4. Have you ever been to Calcutta? Give the entire Mother Teresa quote: "There is only one God and He is God to all; therefore it is important that everyone is seen as equal before God. I’ve always said we should help a Hindu become a better Hindu, a Muslim become a better Muslim, a Catholic become a better Catholic. We believe our work should be our example to people. We have among us 475 souls - 30 families are Catholics and the rest are all Hindus, Muslims, Sikhs—all different religions. But they all come to our prayers."

By the way, ask Chris Hitchens if she tried to convert them.

5. "Go into all the world and preach the gospel to all creation." Mark 16:15

6. I don't think it's really possible for you to understand the Church without benefit of the Sacraments.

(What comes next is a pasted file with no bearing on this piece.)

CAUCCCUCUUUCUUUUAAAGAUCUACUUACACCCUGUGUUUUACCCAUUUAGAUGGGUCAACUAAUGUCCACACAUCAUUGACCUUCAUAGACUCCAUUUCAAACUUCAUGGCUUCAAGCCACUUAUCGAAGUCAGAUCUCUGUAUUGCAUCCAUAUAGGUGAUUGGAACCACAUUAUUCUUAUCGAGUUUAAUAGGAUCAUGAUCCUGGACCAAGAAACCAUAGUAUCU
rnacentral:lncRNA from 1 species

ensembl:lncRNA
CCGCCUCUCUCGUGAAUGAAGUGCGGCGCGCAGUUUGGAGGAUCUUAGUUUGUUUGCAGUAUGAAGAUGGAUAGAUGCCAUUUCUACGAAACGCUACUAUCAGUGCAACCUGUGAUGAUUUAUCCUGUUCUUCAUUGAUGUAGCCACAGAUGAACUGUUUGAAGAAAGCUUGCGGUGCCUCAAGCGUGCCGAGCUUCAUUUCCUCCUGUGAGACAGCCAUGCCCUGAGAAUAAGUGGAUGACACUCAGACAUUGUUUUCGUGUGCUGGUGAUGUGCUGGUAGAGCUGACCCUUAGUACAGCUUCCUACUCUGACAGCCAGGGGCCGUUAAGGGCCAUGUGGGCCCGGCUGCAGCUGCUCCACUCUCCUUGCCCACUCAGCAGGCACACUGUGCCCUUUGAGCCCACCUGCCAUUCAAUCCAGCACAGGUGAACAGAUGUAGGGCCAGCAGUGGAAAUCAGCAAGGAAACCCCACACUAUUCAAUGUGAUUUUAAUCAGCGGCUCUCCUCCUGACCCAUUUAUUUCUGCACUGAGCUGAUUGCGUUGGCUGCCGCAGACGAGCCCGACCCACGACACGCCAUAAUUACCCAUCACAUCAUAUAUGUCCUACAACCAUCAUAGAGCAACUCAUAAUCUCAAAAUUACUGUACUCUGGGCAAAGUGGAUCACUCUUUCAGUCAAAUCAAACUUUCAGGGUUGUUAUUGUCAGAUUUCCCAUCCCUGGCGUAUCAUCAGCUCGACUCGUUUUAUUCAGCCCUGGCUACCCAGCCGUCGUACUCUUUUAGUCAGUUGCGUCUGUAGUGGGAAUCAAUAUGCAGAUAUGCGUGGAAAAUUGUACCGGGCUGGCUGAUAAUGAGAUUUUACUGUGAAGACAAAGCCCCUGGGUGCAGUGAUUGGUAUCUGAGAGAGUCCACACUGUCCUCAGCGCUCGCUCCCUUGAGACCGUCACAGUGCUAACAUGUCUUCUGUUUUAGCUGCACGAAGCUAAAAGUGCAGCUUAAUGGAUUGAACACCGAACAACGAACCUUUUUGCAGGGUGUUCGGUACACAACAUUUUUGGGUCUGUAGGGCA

11 posted on 03/28/2008 4:34:06 PM PDT by LisaFab
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Comment #12 Removed by Moderator

To: NYer
Evangelical Protestants say the Bible decides, but this begs the question when the two warring parties agree that the Bible is the final authority. They eventually split because they can’t agree about what the Bible actually teaches.

That first hand experience is one of the main reasons I went home to the Catholic Church.

13 posted on 03/28/2008 6:20:57 PM PDT by Barnacle
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To: NYer

Thanks so much for the ping...


14 posted on 03/28/2008 6:32:59 PM PDT by andysandmikesmom
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To: sandyeggo

Maybe a "going somewhere", just a little, under the interest of adaptibility & flexibility? Those two traits being hallmarks the writer speaks of...

otherwise;